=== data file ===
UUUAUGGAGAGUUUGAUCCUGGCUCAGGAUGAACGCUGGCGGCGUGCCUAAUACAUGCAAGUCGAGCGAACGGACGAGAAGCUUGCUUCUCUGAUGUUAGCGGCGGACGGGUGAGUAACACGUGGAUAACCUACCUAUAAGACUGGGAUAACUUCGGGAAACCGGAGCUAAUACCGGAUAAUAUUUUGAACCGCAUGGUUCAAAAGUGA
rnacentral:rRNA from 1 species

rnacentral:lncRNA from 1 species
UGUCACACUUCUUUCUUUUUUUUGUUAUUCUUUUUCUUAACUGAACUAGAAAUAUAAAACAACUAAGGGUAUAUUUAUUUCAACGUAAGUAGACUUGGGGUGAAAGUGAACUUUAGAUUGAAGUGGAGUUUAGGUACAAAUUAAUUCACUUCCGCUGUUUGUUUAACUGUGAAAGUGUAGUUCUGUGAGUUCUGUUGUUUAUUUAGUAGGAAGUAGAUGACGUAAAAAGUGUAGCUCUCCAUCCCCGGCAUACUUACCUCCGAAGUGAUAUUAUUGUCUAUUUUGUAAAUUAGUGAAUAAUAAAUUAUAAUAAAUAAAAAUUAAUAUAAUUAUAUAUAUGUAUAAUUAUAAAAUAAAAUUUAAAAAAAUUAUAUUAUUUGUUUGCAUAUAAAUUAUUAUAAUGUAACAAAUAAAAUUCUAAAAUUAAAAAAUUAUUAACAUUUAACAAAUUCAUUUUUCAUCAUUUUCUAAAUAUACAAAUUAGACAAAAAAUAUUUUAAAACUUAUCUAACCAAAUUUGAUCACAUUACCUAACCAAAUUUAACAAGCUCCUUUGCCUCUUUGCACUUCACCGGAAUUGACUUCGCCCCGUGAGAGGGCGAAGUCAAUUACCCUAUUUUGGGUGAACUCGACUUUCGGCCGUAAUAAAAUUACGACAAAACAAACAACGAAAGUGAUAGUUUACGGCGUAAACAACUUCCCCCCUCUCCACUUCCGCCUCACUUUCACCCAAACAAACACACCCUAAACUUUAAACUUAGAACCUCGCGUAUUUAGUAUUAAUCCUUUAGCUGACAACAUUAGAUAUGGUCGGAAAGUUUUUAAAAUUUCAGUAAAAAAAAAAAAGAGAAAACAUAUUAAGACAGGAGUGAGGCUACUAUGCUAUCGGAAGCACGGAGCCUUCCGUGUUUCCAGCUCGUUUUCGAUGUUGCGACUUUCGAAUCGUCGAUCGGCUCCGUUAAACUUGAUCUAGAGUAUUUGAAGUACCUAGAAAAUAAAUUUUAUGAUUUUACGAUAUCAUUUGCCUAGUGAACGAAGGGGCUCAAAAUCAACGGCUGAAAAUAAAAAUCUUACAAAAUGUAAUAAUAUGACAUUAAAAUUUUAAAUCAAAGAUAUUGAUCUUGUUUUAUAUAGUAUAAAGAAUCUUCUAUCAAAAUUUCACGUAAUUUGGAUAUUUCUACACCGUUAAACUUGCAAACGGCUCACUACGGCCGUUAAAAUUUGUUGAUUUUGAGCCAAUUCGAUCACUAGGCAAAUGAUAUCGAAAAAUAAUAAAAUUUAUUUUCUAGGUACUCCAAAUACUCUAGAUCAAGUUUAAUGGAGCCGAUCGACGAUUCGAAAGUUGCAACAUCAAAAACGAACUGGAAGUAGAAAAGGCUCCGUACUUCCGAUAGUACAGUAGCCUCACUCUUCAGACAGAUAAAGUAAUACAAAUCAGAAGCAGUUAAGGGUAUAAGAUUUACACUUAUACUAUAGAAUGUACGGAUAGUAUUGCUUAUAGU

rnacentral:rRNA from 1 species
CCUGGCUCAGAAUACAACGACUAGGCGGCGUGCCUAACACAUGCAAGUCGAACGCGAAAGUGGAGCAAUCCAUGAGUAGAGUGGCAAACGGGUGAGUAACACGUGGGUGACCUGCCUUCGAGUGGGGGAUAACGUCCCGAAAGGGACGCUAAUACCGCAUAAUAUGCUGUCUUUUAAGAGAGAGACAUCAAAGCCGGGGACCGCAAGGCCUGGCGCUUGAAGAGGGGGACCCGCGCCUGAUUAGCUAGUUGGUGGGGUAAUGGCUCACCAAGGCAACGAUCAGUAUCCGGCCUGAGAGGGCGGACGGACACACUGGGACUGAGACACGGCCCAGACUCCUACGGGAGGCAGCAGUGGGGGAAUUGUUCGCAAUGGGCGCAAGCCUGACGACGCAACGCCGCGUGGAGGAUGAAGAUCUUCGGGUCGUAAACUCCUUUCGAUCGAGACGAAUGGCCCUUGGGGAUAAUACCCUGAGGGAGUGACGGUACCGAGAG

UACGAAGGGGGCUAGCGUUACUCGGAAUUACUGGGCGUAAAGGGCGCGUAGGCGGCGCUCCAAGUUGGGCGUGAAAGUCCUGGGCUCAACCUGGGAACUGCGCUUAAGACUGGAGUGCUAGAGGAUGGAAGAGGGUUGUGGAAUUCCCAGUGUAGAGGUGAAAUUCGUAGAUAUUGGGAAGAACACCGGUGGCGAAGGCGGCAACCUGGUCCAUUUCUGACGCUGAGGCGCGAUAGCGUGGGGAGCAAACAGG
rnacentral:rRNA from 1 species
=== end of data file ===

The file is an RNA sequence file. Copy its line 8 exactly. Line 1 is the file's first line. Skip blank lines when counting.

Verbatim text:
rnacentral:rRNA from 1 species